Radio Jxl

On his first album since hanging worldwide gold with a remix of Elvis’ “A Little Less Conversation,” Junkie XL gathers a intelligent group of collaborators and celebrates the “something goes” spirit of the digital age. Before you go thinking that Radio JXL is one other flashy exercise in excess like the Elvis single, check the superb “Tennis,” a laid-back and loose groover that shows tasteful restraint. Unlike the glittery Funkstar de Luxe — who started the development of remixing the useless with a number of Bob Marley mixes — Junkie XL has vision and concepts that go well past cheeky rebirths.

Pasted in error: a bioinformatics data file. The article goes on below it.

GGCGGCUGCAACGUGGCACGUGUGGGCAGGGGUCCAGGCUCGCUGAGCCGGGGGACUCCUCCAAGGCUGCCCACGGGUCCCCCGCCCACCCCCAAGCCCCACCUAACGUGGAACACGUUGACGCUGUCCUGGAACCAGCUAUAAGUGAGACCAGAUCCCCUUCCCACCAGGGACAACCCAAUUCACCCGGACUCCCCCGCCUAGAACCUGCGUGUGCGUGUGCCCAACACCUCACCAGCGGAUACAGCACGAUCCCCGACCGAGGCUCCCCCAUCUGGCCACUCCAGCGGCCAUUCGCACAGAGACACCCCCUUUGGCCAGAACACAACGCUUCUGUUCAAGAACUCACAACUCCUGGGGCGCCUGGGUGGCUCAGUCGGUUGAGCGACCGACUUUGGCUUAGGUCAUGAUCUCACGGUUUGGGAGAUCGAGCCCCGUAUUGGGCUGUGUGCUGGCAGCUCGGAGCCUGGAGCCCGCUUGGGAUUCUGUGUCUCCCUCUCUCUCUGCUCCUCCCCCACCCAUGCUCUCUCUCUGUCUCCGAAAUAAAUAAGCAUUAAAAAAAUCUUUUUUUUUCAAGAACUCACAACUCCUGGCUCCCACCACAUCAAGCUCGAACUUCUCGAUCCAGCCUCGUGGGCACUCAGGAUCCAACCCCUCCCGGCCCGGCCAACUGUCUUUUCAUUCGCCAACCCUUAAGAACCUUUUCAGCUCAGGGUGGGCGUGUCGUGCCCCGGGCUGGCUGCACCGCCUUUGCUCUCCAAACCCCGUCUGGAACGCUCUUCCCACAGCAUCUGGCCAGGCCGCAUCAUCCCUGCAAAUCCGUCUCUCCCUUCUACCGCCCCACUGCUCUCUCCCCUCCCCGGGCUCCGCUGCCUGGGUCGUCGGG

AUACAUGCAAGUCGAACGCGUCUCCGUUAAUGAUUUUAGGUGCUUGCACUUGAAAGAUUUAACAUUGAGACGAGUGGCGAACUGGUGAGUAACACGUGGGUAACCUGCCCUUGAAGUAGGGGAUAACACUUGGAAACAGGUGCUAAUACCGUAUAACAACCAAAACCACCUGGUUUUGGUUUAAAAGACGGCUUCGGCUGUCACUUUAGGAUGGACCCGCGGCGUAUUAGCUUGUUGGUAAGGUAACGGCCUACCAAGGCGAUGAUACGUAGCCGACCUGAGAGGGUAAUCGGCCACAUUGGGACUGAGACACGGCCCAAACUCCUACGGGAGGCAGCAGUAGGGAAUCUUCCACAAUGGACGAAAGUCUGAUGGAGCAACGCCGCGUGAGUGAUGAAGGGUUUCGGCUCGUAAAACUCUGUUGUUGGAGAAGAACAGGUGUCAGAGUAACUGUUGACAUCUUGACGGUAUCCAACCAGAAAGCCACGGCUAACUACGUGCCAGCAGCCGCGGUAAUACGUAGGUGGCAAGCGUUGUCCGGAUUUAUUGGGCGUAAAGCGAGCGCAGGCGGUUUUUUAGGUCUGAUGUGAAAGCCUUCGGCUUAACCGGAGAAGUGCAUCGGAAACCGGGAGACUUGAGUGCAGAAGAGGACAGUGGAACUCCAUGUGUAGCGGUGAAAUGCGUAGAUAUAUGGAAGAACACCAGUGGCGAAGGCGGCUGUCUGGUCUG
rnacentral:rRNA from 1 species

Her cool and cocky fashion sits properly on prime of Junkie’s cinematic and driving music, and a full-length from the two would be greater than welcome. The Chuck D and Solomon Burke appearances are disappointingly average, but a second disc of spacious and chilled beats that flows extraordinarily well makes up for it. The liner notes level to a website he’s constructed across the album with two more discs to download and a 24-hour radio station that streams alternate mixes and unreleased best radio stations for music JXL tracks day and evening. The only quibble is that sticking the Elvis cut on the American model is a cheesy document company move that messes up the move of the album a bit whereas sacrificing some quite good collaborations with Infusion. Still, it’s an exciting album in each execution and idea with far more substance than anticipated.

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